Today’s Special: The Mexico City couple drawing on two very different culinary heritages

Find out how Norma Listman and Saqib Keval, the founders of Masala y Maíz, pair diverse cookery styles with convergent views on social justice
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Norma Listman and Saqib Keval. Photo by Ana Lorenzana
Norma Listman and Saqib Keval. Photo by Ana Lorenzana

Do too many cooks really spoil the broth? Not in Today’s Special. In this new book, 20 established figures in contemporary gastronomy, including José Andrés, Yotam Ottolenghi and Daniela Soto-Innes, select 100 of the best emerging chefs from around the world.  

These new talents all provide home cooks like us with interesting and often novel new recipes. However, despite their relative youth, in many cases, the chefs’ careers and culinary heritage are the key ingredients in their cookery success. Take for example, Norma Listman and Saqib Keval, the founders of Masala y Maíz in Mexico City.

The 'masala' part of the name - the word for a popular mix of south Asian spices - relates to Keval, the American-born son of East African immigrants who trace their ancestry to Kutch, India, explains our new book.

Maíz - the Spanish word for that Latin American staple maize or sweetcorn - is Listman's addition. A native of Texcoco, Mexico, she champions Mexican culinary history.

Their rebellious mixing of flavours is a mestizaje, an intermingling of disparate cultures with a mind toward revolution. This dynamic conversation materializes in dishes like esquites, the corn-based Mexican street snack, reimagined with fresh coconut milk, ginger, and turmeric in a nod to Kenyan makai pakka; and uttapam, a dosa, or fermented Indian flatbread, made there with a base of nixtamalized blue corn and cooked with squash blossoms and nutty salsa macha.”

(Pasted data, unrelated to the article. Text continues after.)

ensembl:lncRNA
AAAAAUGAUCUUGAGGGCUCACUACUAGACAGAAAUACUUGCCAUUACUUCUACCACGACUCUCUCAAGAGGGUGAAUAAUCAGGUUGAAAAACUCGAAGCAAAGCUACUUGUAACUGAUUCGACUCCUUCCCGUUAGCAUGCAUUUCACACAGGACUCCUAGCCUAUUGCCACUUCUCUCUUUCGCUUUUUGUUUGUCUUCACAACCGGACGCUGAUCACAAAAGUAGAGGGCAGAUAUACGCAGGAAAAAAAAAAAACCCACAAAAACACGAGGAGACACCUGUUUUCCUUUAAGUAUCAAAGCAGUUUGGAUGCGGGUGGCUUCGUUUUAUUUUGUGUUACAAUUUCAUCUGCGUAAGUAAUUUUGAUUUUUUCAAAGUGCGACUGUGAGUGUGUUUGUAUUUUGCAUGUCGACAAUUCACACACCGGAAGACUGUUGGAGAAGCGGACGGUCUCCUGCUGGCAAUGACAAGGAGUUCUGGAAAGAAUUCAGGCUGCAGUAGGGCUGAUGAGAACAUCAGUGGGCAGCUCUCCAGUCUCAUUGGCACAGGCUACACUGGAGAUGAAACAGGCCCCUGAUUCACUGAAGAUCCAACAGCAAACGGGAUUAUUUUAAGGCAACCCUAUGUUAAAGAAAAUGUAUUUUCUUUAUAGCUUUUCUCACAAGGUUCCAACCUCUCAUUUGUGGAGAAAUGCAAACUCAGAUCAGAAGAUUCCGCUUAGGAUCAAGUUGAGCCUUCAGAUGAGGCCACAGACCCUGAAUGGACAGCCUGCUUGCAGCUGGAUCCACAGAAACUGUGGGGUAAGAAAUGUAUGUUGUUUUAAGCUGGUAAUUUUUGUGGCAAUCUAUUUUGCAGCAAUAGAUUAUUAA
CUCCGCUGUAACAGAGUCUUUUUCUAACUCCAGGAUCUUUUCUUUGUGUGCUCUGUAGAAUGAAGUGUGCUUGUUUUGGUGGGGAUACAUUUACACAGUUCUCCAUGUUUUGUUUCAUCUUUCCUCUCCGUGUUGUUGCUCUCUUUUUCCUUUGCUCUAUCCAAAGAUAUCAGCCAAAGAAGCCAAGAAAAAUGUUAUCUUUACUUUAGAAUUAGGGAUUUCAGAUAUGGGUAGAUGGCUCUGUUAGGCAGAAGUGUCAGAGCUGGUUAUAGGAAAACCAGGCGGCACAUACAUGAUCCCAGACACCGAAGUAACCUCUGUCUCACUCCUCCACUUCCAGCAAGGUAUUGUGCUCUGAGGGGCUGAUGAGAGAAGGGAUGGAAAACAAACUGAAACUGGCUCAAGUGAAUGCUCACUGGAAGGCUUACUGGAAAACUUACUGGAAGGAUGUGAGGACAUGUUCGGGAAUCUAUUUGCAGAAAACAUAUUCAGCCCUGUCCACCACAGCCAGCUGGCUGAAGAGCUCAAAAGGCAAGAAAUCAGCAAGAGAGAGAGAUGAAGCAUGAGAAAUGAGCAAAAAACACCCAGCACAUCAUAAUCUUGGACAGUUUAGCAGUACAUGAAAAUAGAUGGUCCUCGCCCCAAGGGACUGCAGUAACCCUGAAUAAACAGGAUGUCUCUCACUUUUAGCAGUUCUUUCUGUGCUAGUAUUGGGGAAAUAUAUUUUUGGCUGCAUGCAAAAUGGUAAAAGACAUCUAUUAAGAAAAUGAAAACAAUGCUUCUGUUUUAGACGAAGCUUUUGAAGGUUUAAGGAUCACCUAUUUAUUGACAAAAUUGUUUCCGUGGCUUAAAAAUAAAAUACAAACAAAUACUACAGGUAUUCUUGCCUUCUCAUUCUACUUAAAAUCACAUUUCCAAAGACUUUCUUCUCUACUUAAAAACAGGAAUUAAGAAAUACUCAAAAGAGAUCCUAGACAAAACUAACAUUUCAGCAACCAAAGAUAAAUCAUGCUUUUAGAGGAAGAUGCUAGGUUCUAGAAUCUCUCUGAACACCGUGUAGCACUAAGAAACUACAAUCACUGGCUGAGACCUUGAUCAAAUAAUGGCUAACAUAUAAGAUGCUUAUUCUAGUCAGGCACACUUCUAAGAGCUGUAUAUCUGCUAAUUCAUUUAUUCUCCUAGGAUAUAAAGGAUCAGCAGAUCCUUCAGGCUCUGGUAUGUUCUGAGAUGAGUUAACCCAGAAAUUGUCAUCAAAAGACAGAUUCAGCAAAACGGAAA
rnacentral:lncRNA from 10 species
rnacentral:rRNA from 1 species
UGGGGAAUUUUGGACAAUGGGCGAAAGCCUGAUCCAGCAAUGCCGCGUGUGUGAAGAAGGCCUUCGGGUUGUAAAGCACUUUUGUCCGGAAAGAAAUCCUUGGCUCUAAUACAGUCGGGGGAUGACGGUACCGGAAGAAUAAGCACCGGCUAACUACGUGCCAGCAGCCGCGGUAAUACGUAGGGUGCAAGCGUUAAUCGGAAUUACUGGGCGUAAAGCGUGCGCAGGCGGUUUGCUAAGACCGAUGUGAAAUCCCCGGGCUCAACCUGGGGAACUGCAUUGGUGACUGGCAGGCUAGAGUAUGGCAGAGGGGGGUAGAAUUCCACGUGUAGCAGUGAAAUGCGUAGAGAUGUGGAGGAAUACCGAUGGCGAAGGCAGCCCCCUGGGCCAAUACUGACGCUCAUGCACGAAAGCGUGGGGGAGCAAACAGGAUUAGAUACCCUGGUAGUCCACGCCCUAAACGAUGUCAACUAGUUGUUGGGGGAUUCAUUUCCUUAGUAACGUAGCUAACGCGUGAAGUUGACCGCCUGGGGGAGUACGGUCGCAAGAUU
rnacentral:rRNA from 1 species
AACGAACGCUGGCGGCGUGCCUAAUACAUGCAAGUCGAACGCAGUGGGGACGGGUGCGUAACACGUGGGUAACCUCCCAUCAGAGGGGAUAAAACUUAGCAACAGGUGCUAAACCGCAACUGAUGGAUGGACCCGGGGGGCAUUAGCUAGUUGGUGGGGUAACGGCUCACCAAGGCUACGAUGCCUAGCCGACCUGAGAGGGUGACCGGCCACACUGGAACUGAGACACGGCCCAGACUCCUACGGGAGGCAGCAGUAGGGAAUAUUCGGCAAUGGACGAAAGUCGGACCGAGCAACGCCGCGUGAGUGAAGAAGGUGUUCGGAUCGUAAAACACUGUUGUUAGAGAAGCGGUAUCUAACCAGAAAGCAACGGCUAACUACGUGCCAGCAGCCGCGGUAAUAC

Lamb barbacoa by Norma Listman and Saqib Keval. Photo by Ana Lorenzana
Lamb barbacoa by Norma Listman and Saqib Keval. Photo by Ana Lorenzana



Indeed, the couple’s revolutionary work doesn’t finish when Masala y Maíz’s service ends; Listman and Keval are also keen social-justice advocates. “The chefs source locally and ethically, and take care of staff with the same care, offering employees equitable wages, comprehensive health care, overtime pay, fixed schedules, and ownership in a worker-owned cooperative grocery store,” explains our book.  

 

Today's Special: 20 Leading Chefs Choose 100 Emerging Chefs


You can get a taste of Listman and Keval’s work by recreating their lamb barbacoa and old-fashioned donut recipes, which appear in Today’s Special, alongside recipes from, and profiles of, many other hot, new culinary prospects. To find out more and order your of Today's Special copy go here.


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